1. Mandell LA, Wunderink RG, Anzueto A et al. Infectious Diseases Society of America/American Thoracic Society consensus guidelines on the management of community-acquired pneumonia in adults. Clin Infect Dis 2007; 44 Suppl 2, S27-72.
  2. Bishai W. The in vivo-in vitro paradox in pneumococcal respiratory tract infections. J Antimicrob Chemother 2002; 49, 433-436.
  3. Zhanel GG, Wolter KD, Calciu C et al. Clinical cure rates in subjects treated with azithromycin for community-acquired respiratory tract infections caused by azithromycin-susceptible or azithromycin-resistant Streptococcus pneumoniae: analysis of Phase 3 clinical trial data. J Antimicrob Chemother 2014; 69, 2835-2840.
  4. Yanagihara K, Izumikawa K, Higa F et al. Efficacy of Azithromycin in the Treatment of Community-acquired Pneumonia, Including Patients with Macrolide-Resistant Streptococcus pneumoniae Infection. Internal Medicine 2009; 48, 527-535.
  5. Kohno S, Tateda K, Kadota J et al. Contradiction between in vitro and clinical outcome: intravenous followed by oral azithromycin therapy demonstrated clinical efficacy in macrolide-resistant pneumococcal pneumonia. J Infect Chemother 2014; 20, 199-207.
  6. Cheng AC, Jenney AWJ. Macrolide resistance in pneumococci-is it relevant. Pneumonia (Nathan) 2016; 8, 10.
  7. Cilloniz C, Albert RK, Liapikou A et al. The Effect of Macrolide Resistance on the Presentation and Outcome of Patients Hospitalized for Streptococcus pneumoniae Pneumonia. Am J Respir Crit Care Med 2015; 191, 1265-1272.
  8. Ianaro A, Ialenti A, Maffia P et al. Anti-inflammatory activity of macrolide antibiotics. J Pharmacol Exp Ther 2000; 292, 156-163.
  9. Arnold FW, Lopardo G, Wiemken TL et al. Macrolide therapy is associated with lower mortality in community-acquired bacteraemic pneumonia. Respir Med 2018; 140, 115-121.




SUP-ICU Trial: Pantoprazole in patients at risk for Gastrointestinal Bleeding


Kart, M. Pantoprazole in patients at risk for Gastrointestinal Bleeding in the ICU. N Engl J Med 2018;379:2199-208.

Trial done in the UK. It was a multicenter, stratified, parallel group, placebo controlled blinded randomized trial. 

Included pts admitted to the ICU who were 18 yo or older and had at least one risk of actor for clinically important GIB including, shock, anticoagulants, crrt, MV >24hours, any liver disease, he of or ongoing coaulopathy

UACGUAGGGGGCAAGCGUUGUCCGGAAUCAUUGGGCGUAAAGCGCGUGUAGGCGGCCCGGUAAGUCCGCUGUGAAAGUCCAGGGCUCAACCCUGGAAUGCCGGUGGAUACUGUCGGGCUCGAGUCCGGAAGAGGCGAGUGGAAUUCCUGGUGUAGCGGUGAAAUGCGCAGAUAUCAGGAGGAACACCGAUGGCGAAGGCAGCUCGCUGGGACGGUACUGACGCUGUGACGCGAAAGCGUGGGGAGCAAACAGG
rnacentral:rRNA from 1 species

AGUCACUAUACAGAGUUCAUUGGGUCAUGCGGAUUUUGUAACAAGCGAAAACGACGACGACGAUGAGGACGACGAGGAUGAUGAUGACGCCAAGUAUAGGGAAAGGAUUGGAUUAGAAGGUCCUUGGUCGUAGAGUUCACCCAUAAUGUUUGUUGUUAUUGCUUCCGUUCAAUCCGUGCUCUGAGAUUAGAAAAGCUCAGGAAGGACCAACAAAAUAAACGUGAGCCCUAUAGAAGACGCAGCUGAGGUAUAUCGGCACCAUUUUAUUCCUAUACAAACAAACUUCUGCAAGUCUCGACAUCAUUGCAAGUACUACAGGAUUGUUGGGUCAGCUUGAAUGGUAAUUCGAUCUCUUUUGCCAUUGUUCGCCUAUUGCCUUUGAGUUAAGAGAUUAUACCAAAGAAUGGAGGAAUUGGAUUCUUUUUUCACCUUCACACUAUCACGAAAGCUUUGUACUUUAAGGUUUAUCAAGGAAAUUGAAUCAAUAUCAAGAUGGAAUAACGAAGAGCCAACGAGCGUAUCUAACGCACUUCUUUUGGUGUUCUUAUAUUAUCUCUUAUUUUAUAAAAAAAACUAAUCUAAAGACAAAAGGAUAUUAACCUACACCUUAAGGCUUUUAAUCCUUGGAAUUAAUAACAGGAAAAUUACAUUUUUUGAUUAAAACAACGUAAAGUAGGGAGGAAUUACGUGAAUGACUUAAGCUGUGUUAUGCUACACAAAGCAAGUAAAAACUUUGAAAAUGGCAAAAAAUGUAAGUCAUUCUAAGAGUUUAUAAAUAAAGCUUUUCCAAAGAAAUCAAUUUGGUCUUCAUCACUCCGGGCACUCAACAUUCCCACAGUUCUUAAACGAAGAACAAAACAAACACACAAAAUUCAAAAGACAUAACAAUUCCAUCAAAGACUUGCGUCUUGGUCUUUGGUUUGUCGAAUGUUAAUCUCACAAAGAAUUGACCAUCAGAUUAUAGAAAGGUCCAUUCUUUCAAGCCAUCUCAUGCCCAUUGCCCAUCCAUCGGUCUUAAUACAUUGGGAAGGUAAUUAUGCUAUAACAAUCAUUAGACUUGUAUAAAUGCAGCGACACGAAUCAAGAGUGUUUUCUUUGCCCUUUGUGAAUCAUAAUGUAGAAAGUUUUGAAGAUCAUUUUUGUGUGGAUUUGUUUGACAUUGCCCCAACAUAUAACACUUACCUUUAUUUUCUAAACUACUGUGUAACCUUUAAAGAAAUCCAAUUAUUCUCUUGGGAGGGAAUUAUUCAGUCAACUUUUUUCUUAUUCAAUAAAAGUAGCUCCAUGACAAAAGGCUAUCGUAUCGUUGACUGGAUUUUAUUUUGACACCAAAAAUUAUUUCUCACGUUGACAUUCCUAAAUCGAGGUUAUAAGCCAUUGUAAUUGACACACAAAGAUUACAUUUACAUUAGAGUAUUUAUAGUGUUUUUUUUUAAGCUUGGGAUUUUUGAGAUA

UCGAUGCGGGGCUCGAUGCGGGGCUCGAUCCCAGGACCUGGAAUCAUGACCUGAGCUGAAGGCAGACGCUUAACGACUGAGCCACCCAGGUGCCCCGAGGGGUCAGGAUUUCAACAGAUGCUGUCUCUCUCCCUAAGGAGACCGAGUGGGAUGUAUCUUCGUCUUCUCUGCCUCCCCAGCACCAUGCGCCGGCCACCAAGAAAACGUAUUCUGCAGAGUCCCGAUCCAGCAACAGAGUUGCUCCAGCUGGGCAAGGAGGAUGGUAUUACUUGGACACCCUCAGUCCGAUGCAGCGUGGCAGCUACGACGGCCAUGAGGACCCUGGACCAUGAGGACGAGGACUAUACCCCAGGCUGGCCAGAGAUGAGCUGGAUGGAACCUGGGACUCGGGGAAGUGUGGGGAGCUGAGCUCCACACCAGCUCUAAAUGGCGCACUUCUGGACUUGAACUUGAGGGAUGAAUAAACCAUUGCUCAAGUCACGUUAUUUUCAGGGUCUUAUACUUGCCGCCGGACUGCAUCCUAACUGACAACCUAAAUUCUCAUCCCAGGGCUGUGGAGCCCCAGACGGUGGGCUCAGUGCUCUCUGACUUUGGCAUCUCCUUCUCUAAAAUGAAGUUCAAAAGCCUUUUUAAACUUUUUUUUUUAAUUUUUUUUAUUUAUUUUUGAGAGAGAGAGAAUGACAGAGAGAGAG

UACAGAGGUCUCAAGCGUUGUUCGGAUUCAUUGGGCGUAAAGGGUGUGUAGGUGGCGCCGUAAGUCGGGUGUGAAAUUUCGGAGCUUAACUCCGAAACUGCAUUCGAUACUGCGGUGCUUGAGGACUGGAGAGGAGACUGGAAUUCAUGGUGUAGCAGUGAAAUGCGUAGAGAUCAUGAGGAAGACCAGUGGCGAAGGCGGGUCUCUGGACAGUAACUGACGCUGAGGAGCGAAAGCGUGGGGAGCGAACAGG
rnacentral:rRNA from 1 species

Primary outcome was death by 90 days after randomization. Secondary outcomes were GI bleeding, new onset pna, c. Diff. Predefined subgroups including SAPS II of >53 and <53

Pts were randomized to receive either 40mg IV pantoprazole daily until ICU discharge for a maximum of 90 days


  1. For the primary outcome of mortality 31.1% vs 30.4% died (RR 1.02; 0.91-1.13, p=0.76)
  2. For the outcome of clinically important GIB 2.5% of pantop group vs 4.2% of placebo had clinically important GIB. 
  3. The RR of have a SAPSII >53 was 1.13 (0.99-1.30) vs 0.92 (0.78-1.09) p=0.05.
  4. This was the subgroup with the largest separation of average RR (Despite overlapping C.I. and both crossed 1 when compared to other subgroups of shock, vent, etc.

The study was powered to detect a 5% difference which seems really large and unlikely. To power a less then 1% difference would take a vastly larger trial. The endpoint of clinically important GIB seems like that should have been the primary outcome. Since it is only hypothesis generating we cant say much about it. Taken at face value there is probably a group that would benefit more than the ones they picked. Maybe they should have enrolled ICU pts with SAPSII >53 as one of the inclusion criteria to see if there would be a bigger impact. However, this is a large trial with around 3300 pts so getting this done again will be unlikely. Probably sick ICU pts should get SUP for the prevention of GIB but not death and consider maybe a sicker population because right now the NNT for prevention of GIB is around 60.  

Last not there were a lot of these docs getting monies from drug companies…